Today I decided that I want to improve the quality of the coffee I'm consuming, so I decided to start brewing coffee at home.

I have a Pedrini moka pot that was stored for a few years without use. Currently this is the status of the moka pot:

enter image description here I tried using lemon vinegar and baking soda and the stains of the water reserve didn't change.

Should I replace the pot? Is it safe to use it? Should I buy a stainless one?

  • You sure that's the photo for the actual pot? i only see the filter.
    – Elfarto
    Jun 14, 2021 at 22:00
  • Very confused here. That's not the same photo that was here when I wrote my answer, though I think my answer still applies. That filter doesn't look bad at all, heh. I've seen much worse.
    – R Mac
    Jun 15, 2021 at 23:42
  • edit 2 replaced a link to 3 photos with only one of them embedded.
    – ths
    Jun 17, 2021 at 22:06

1 Answer 1


It's a combination of scale (mineral deposits left behind by water left in the pot evaporating), oxidized aluminum (caused by exposure of aluminum to oxygen), and coffee deposits (coffee oils and solids left behind by evaporating brew / wet grounds).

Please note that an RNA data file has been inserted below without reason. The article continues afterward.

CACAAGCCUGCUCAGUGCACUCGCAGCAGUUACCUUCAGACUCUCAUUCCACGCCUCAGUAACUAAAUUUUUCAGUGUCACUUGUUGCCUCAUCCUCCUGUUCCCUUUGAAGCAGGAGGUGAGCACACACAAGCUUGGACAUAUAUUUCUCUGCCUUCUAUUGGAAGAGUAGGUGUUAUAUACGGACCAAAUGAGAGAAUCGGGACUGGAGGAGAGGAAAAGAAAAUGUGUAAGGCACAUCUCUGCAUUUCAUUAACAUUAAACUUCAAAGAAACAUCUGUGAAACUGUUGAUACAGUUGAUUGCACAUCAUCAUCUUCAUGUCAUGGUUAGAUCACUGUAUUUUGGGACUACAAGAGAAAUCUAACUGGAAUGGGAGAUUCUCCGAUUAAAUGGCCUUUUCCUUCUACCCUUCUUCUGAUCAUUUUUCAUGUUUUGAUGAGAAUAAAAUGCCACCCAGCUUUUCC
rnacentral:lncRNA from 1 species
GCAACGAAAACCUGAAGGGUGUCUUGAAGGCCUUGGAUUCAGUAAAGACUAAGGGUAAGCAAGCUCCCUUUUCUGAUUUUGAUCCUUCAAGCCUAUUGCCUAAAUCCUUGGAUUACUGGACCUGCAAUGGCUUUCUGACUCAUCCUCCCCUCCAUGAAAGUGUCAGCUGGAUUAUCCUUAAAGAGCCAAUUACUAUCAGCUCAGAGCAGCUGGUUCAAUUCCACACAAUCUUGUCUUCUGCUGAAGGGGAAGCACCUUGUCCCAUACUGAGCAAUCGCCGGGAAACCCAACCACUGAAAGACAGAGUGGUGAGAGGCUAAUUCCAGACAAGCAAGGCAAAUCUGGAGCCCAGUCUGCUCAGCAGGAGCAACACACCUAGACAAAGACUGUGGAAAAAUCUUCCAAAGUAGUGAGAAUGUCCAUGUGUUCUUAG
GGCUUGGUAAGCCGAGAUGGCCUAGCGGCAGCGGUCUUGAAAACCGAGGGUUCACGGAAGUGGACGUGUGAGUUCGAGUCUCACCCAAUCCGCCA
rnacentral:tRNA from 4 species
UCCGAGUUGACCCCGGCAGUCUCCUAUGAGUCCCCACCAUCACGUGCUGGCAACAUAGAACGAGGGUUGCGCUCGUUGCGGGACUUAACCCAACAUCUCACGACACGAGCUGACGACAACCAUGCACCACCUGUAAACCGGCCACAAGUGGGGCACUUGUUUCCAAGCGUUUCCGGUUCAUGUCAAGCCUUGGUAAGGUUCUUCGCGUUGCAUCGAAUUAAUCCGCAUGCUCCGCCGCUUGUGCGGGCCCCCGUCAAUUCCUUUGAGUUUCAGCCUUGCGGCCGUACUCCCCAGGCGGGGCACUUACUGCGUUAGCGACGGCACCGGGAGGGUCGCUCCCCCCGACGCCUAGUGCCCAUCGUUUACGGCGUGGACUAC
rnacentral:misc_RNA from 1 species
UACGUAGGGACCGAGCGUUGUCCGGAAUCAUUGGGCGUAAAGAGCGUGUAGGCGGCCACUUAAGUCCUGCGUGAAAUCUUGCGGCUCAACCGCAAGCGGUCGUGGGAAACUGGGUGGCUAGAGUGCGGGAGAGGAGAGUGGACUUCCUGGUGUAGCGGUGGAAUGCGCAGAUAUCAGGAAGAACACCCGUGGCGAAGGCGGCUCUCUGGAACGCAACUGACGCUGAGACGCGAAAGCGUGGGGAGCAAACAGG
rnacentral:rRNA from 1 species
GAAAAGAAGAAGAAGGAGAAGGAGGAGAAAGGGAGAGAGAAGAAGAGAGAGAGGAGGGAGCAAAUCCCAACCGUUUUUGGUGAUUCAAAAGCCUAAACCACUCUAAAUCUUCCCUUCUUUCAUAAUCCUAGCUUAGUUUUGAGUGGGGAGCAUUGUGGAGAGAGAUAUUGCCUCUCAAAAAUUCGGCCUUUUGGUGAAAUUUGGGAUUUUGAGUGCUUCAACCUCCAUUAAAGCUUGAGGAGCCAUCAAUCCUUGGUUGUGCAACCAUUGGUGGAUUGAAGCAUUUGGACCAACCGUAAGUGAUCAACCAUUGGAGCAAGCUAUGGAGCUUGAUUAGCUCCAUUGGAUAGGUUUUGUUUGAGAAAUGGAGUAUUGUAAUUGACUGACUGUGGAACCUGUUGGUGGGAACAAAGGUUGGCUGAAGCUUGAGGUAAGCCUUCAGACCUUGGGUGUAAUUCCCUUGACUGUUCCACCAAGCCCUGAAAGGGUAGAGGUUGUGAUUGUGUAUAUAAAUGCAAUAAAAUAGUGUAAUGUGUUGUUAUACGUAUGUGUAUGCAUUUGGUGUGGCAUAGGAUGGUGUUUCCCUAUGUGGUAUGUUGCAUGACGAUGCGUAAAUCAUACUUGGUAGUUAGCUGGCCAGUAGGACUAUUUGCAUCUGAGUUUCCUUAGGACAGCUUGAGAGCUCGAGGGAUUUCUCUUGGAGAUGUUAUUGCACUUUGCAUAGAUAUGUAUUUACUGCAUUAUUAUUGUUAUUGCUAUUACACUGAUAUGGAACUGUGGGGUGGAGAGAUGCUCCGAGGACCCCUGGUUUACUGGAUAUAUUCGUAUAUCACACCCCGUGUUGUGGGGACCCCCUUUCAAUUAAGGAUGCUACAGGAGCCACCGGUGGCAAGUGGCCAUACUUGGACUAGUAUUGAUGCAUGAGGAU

I've seen this with several aluminum pots when they get to be years old. Also steel if you don't keep up with the cleaning. You can remove scale with a coffee machine descaler product (recommend DEZCAL by Urnex), oxidized aluminum with a diluted solution of vinegar, and coffee deposits with a mix of vinegar and baking soda (mixed in the pot with your cleaning tool on standby because they will start reacting immediately).

Just one bit of advice. Use a rotary tool (like Dremel, if you have one) with a buffing pad. You're going to have one tough time cleaning inside those grooves using a scrubbing pad. A rotary tool with a soft attachment like for polishing or buffing will make the job much easier. Electric toothbrushes work wonderfully too in places they can actually fit/reach.

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